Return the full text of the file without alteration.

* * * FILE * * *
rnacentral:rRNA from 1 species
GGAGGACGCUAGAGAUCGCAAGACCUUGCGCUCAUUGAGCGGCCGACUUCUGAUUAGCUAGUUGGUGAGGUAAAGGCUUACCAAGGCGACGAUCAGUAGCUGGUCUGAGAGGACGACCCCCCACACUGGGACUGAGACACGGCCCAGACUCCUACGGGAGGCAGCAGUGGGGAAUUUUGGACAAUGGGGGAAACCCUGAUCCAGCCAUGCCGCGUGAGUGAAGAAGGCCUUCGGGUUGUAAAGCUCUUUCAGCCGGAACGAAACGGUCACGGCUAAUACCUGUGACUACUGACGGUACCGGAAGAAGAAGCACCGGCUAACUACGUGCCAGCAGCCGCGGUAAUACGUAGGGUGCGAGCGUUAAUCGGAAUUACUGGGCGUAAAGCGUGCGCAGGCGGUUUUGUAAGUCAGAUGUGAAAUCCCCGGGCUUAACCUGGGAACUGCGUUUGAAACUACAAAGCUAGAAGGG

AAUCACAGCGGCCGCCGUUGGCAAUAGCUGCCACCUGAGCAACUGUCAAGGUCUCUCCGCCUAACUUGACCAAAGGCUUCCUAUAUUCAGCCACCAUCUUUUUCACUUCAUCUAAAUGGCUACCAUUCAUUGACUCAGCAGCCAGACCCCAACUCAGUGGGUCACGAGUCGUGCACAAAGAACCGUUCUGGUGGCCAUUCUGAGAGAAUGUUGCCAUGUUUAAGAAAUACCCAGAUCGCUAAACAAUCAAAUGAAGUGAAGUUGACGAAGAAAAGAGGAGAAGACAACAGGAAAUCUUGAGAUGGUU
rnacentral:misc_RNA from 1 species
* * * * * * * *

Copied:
rnacentral:rRNA from 1 species
GGAGGACGCUAGAGAUCGCAAGACCUUGCGCUCAUUGAGCGGCCGACUUCUGAUUAGCUAGUUGGUGAGGUAAAGGCUUACCAAGGCGACGAUCAGUAGCUGGUCUGAGAGGACGACCCCCCACACUGGGACUGAGACACGGCCCAGACUCCUACGGGAGGCAGCAGUGGGGAAUUUUGGACAAUGGGGGAAACCCUGAUCCAGCCAUGCCGCGUGAGUGAAGAAGGCCUUCGGGUUGUAAAGCUCUUUCAGCCGGAACGAAACGGUCACGGCUAAUACCUGUGACUACUGACGGUACCGGAAGAAGAAGCACCGGCUAACUACGUGCCAGCAGCCGCGGUAAUACGUAGGGUGCGAGCGUUAAUCGGAAUUACUGGGCGUAAAGCGUGCGCAGGCGGUUUUGUAAGUCAGAUGUGAAAUCCCCGGGCUUAACCUGGGAACUGCGUUUGAAACUACAAAGCUAGAAGGG

AAUCACAGCGGCCGCCGUUGGCAAUAGCUGCCACCUGAGCAACUGUCAAGGUCUCUCCGCCUAACUUGACCAAAGGCUUCCUAUAUUCAGCCACCAUCUUUUUCACUUCAUCUAAAUGGCUACCAUUCAUUGACUCAGCAGCCAGACCCCAACUCAGUGGGUCACGAGUCGUGCACAAAGAACCGUUCUGGUGGCCAUUCUGAGAGAAUGUUGCCAUGUUUAAGAAAUACCCAGAUCGCUAAACAAUCAAAUGAAGUGAAGUUGACGAAGAAAAGAGGAGAAGACAACAGGAAAUCUUGAGAUGGUU
rnacentral:misc_RNA from 1 species